Frank Kameny was born in New York City in 1925, the son of immigrants from Austria-Hungary who had, by the time of his birth, achieved a comfortable middle-class life. Precocious doesn’t begin to describe the young Kameny, who taught himself to read when he was four years old and who had by the age of six decided on a career as an astronomer. He entered college at 16, but World War II intervened. He saw combat in Europe as part of a mortar crew in the closing days of the war; the horrors of battle left an indelible impression on him. Upon returning to the United States, Kameny resumed his studies and graduated from Harvard in 1956 with a PhD in astronomy and plans to enter academia at Georgetown University in Washington, DC.
Kameny’s life was, by all accounts, off to a brilliant start for what promised to be a career of exceptional achievement. The only problem? Frank Kameny was queer. As Cervini repeatedly stresses, Kameny was first and foremost a man of reason. Confronted as a teenager with his attraction to other boys and, ever the taxonomist, having identified the condition as homosexuality, he initially resisted the conclusion he was a homosexual. But reason won out: “If his condition — however long it lasted — conflicted with society, and if rejecting himself was ipso facto illogical, then he had no choice but to reject society itself.”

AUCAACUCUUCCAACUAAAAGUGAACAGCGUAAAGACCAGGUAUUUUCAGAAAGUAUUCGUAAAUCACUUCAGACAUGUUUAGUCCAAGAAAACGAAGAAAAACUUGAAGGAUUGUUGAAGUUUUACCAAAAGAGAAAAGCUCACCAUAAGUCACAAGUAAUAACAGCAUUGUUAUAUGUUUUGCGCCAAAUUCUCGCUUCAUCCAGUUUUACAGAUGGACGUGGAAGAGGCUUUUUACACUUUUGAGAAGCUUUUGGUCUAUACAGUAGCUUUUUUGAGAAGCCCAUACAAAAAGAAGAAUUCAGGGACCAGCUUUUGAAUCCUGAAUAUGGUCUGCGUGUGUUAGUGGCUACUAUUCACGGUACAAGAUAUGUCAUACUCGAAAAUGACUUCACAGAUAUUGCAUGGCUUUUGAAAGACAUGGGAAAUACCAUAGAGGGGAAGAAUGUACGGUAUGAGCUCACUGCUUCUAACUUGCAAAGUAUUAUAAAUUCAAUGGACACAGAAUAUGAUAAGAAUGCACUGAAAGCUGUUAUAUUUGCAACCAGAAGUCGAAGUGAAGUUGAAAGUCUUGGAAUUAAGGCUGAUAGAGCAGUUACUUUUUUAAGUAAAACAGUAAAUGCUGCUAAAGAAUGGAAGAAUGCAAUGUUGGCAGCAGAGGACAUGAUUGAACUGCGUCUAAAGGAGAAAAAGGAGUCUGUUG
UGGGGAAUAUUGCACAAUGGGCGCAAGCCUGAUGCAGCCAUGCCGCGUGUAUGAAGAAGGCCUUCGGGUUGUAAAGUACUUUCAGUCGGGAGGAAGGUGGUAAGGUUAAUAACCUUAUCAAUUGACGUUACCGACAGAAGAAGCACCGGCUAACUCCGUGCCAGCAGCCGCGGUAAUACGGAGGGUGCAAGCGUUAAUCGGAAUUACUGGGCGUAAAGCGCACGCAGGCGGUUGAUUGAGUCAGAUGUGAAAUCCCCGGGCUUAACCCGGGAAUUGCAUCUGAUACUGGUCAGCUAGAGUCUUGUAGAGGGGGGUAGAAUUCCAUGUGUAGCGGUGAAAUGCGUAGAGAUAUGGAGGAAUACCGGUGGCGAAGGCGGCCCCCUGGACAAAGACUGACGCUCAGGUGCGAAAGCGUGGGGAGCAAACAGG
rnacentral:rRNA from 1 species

In that simple equation lay the seeds of what would grow into the modern LGTBQ movement. Underlying that movement, from its inception until now, was the decision taken by millions of men and women that Kameny made as a teenager. He chose to privilege his experience and truth over the opinions and judgments of the culture: simultaneously, a great No and a great Yes. Yet, like all such experiences, Kameny’s coming out to himself was only the beginning, not the end. He then had to adapt his life to the revelation. He tackled that challenge with the same systematic approach that had characterized his pursuit of his doctorate. Arriving in DC, he said, “I simply proceeded to go to gay bars every single night, seven nights a week.” Cervini writes, “He concluded it was most efficient to meet people in quantity, not quality. Then, after a year or so, he would have the raw material to build a social life of his own.”